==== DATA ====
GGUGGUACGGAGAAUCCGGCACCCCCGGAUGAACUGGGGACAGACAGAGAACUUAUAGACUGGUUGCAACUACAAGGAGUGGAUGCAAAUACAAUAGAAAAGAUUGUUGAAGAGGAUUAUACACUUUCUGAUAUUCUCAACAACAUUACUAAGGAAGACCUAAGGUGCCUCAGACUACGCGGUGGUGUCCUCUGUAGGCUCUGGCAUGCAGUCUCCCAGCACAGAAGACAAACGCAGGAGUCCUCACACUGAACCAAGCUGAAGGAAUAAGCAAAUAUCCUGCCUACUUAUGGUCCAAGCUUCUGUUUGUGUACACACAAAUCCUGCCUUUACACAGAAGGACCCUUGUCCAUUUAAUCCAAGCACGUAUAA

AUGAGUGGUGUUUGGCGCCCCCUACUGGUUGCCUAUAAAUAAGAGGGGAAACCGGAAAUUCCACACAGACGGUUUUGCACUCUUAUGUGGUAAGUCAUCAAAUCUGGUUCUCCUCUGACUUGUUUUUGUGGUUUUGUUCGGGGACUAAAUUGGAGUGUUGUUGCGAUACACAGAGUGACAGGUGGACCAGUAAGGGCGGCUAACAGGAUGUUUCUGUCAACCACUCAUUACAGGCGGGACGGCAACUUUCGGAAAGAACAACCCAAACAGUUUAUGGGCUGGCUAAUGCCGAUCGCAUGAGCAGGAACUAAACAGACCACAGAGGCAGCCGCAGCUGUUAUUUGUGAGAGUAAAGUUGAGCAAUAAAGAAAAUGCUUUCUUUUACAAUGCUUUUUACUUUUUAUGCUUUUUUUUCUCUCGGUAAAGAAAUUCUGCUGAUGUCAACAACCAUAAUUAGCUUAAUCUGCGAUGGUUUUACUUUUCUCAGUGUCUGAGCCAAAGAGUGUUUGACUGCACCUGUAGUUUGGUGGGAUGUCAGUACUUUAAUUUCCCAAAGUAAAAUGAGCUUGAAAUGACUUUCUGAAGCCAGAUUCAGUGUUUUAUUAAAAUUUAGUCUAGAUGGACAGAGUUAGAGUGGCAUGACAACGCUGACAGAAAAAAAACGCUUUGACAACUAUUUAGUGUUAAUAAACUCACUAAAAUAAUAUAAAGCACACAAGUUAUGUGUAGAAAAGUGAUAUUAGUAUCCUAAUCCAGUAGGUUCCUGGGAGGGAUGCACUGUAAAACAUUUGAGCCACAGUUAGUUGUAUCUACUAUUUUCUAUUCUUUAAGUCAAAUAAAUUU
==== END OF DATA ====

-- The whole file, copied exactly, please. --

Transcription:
GGUGGUACGGAGAAUCCGGCACCCCCGGAUGAACUGGGGACAGACAGAGAACUUAUAGACUGGUUGCAACUACAAGGAGUGGAUGCAAAUACAAUAGAAAAGAUUGUUGAAGAGGAUUAUACACUUUCUGAUAUUCUCAACAACAUUACUAAGGAAGACCUAAGGUGCCUCAGACUACGCGGUGGUGUCCUCUGUAGGCUCUGGCAUGCAGUCUCCCAGCACAGAAGACAAACGCAGGAGUCCUCACACUGAACCAAGCUGAAGGAAUAAGCAAAUAUCCUGCCUACUUAUGGUCCAAGCUUCUGUUUGUGUACACACAAAUCCUGCCUUUACACAGAAGGACCCUUGUCCAUUUAAUCCAAGCACGUAUAA

AUGAGUGGUGUUUGGCGCCCCCUACUGGUUGCCUAUAAAUAAGAGGGGAAACCGGAAAUUCCACACAGACGGUUUUGCACUCUUAUGUGGUAAGUCAUCAAAUCUGGUUCUCCUCUGACUUGUUUUUGUGGUUUUGUUCGGGGACUAAAUUGGAGUGUUGUUGCGAUACACAGAGUGACAGGUGGACCAGUAAGGGCGGCUAACAGGAUGUUUCUGUCAACCACUCAUUACAGGCGGGACGGCAACUUUCGGAAAGAACAACCCAAACAGUUUAUGGGCUGGCUAAUGCCGAUCGCAUGAGCAGGAACUAAACAGACCACAGAGGCAGCCGCAGCUGUUAUUUGUGAGAGUAAAGUUGAGCAAUAAAGAAAAUGCUUUCUUUUACAAUGCUUUUUACUUUUUAUGCUUUUUUUUCUCUCGGUAAAGAAAUUCUGCUGAUGUCAACAACCAUAAUUAGCUUAAUCUGCGAUGGUUUUACUUUUCUCAGUGUCUGAGCCAAAGAGUGUUUGACUGCACCUGUAGUUUGGUGGGAUGUCAGUACUUUAAUUUCCCAAAGUAAAAUGAGCUUGAAAUGACUUUCUGAAGCCAGAUUCAGUGUUUUAUUAAAAUUUAGUCUAGAUGGACAGAGUUAGAGUGGCAUGACAACGCUGACAGAAAAAAAACGCUUUGACAACUAUUUAGUGUUAAUAAACUCACUAAAAUAAUAUAAAGCACACAAGUUAUGUGUAGAAAAGUGAUAUUAGUAUCCUAAUCCAGUAGGUUCCUGGGAGGGAUGCACUGUAAAACAUUUGAGCCACAGUUAGUUGUAUCUACUAUUUUCUAUUCUUUAAGUCAAAUAAAUUU